Wednesday, September 7, 2011

In Memoriam...September 11th

September 11th, 2001.  The day began bright and clear in western Oregon.  I first learned of the tragedy on the way in to the office, and I was in such a state of shock that I had to come home shortly after I arrived.  I recall a co-worker almost brushing it off and getting back to the office routine, but I just couldn't do it.  It may have been Oregon, but our thoughts and prayers were certainly with the good people of New York City that day--and the dark days that followed.

The attack happened only six-months, or so, after we bought our house in south Salem.  I remember standing on the front steps of our home and looking into the cloudless blue the sky.  Not one aircraft could be seen.  Everything seemed eerily quiet in our neighborhood, as well.  As the footage of the falling towers was played over and over again, I just sat in shock watching the news reports; it seemed to just get worse and worse.  In particular, it was heartbreaking to witness the people leaping to their deaths from the windows of the burning towers.  It wasn't just debris raining on the streets below, but lives.

I was profoundly thankful for the powerful leaders we had at the time in New York and Washington D.C.  Mayor Rudy Giuliani indeed made us all proud, and President Bush gave the steady hand of leadership that we all needed so terribly at that time.  There were innumerable heroes that day, as well.  We should never forget the selflessness of people such as Todd Beamer and those many emergency responders.  The world has certainly changed much since that September day a decade ago, but the heroes' names will be remembered forever, while the terrorists' names are already fading from collective memory.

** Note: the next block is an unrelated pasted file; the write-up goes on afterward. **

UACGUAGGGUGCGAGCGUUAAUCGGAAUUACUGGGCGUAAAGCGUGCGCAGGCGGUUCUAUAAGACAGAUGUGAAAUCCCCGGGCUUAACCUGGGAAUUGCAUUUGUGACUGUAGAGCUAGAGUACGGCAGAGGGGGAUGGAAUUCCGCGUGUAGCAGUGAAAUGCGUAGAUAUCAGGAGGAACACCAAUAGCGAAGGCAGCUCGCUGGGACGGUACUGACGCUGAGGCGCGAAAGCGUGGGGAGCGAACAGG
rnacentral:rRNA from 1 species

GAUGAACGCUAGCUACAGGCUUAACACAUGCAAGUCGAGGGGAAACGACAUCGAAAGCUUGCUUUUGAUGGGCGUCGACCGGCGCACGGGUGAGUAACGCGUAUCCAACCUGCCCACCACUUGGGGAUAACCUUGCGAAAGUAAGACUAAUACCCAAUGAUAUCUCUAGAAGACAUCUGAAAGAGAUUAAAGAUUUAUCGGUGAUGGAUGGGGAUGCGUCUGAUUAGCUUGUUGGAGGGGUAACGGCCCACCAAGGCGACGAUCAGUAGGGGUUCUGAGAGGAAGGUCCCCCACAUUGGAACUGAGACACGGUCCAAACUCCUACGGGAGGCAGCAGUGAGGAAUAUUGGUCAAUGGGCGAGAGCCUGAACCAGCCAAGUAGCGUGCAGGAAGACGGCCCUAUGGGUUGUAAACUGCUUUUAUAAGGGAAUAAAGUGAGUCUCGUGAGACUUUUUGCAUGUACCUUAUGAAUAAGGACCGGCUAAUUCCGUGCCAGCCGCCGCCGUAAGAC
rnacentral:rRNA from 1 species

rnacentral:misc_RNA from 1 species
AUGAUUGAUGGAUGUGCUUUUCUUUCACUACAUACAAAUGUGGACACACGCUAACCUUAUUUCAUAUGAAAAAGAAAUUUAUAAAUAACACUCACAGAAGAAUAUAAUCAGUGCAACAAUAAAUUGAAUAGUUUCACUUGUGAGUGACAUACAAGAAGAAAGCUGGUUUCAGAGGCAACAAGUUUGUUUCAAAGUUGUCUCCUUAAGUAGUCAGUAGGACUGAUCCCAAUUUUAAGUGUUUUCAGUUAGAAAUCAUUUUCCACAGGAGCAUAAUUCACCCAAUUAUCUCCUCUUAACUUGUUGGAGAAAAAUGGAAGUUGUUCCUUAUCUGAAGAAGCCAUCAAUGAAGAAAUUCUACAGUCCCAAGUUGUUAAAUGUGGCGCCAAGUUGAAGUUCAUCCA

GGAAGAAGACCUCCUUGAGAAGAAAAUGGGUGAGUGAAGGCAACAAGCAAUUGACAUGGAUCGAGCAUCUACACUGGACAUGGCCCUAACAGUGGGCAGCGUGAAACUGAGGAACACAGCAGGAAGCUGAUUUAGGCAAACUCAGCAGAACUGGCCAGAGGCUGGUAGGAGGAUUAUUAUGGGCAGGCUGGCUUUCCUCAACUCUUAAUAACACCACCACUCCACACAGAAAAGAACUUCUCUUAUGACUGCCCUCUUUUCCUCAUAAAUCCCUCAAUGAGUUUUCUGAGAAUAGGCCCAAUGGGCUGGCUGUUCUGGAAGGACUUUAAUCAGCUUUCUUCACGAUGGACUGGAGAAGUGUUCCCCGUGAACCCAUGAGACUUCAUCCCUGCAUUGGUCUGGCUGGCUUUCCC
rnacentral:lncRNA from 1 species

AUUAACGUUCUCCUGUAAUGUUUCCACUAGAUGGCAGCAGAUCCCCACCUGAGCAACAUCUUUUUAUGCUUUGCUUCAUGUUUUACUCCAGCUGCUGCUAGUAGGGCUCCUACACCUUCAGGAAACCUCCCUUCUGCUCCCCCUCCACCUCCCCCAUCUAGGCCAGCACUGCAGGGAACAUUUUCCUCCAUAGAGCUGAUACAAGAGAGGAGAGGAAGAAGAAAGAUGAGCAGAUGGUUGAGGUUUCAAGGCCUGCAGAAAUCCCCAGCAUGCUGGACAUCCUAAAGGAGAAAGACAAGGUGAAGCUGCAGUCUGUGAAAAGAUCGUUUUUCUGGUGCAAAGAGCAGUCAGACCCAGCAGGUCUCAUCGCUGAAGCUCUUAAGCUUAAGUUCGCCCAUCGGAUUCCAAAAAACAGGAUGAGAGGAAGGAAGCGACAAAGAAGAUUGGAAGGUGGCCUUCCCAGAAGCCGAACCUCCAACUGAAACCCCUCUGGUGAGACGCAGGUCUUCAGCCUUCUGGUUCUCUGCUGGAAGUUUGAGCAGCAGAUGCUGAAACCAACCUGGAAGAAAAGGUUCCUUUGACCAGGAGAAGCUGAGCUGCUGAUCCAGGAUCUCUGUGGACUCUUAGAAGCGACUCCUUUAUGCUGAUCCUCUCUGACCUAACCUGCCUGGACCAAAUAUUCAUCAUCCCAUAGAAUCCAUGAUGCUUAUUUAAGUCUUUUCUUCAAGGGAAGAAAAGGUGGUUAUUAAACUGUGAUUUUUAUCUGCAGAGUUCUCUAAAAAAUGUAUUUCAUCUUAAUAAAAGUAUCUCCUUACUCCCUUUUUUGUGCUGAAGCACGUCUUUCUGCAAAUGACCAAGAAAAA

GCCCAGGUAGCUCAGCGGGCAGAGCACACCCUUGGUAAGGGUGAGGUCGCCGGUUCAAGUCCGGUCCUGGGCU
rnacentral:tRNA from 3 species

In memory of the nearly 3,000 murdered that day (more than 10% of them belonging to the FDNY family), I'd like to share the Catholic Memorial at Ground Zero.  The sculptor is my father-in-law, John Carroll Collier.  I hope you will read about the memorial and take a moment to look at the sculptures.  Better yet, hopefully you can make the journey and see it personally at Saint Joseph's Chapel of Saint Peter's Roman Catholic Church in New York City.  Although we witnessed the exhibit before it was transported to New York, I hope to visit Saint Joseph's Chapel in NYC at some point in the future to see the pieces again.  In particular, the sculpture of Saint Michael was deeply inspiring.  

I had the opportunity to spend time with John a few months after the 9-11 tragedy, and I remember him talking to me about his idea for a memorial.  I'm indeed glad that something meaningful like this has been created to honor those killed on that day and remind us all that any permanence or truth is illusory unless firmly anchored in our savior, Jesus Christ.

Sharing a Few Words on Appeasement